I’m currently studying Adult Learning Theory at the University of Denver, as part of my masters program. This week we read an excerpt from Cyril Houle’s The Inquiring Mind that discussed learning orientation.
- Goal-oriented: learning something for its direct benefit, e.g. learning how to fix a toilet because your bathroom is flooded.
- Activity-oriented: learning for the sake of indirect benefits, e.g. taking salsa dancing lessons to find a boyfriend.
- Learning-oriented: learning for the sake of knowledge, e.g. learning about the matriarchal habits of bonobos because bonobos are cool.
Interestingly enough, these orientations toward learning also apply to blogging:
- Goal-oriented: Blogging for direct benefit, e.g. blogging for pay on behalf of another publication or organization, affiliate advertising income, book and product sales.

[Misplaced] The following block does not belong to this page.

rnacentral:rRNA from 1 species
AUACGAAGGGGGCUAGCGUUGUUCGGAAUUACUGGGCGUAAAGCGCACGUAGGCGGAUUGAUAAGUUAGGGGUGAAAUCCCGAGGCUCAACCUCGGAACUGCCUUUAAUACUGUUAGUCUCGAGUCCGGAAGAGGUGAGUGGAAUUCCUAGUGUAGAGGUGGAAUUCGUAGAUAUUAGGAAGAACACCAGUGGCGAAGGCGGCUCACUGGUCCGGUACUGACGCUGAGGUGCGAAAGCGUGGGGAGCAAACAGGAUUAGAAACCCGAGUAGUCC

- Activity-oriented: Blogging for indirect benefit, e.g. blogging to establish credibility in a topic area, thereby increasing print writing assignments, blogging to meet other like-minded people.
- Learning-oriented: Blogging for its own sake, e.g. blogging to sate a compulsive memoirist inside you, blogging about bonobos because bonobos are cool.
Going even further, these orientation principles can apply to your readers, too. They may have specific goals in mind when they show up at your blog, they may be seeking to connect with others through a community you’ve created, and they may just be looking for some fun trivia to share with friends at happy hour. What you write (and how you write) can change dramatically when you know this about your audience!
So, my fellow blogarinos, why do you blog? What do you hope to gain from your efforts? Are you getting what you want out of your blog, or is its orientation out of whack? And what do you think your readers seek when they click on your URL?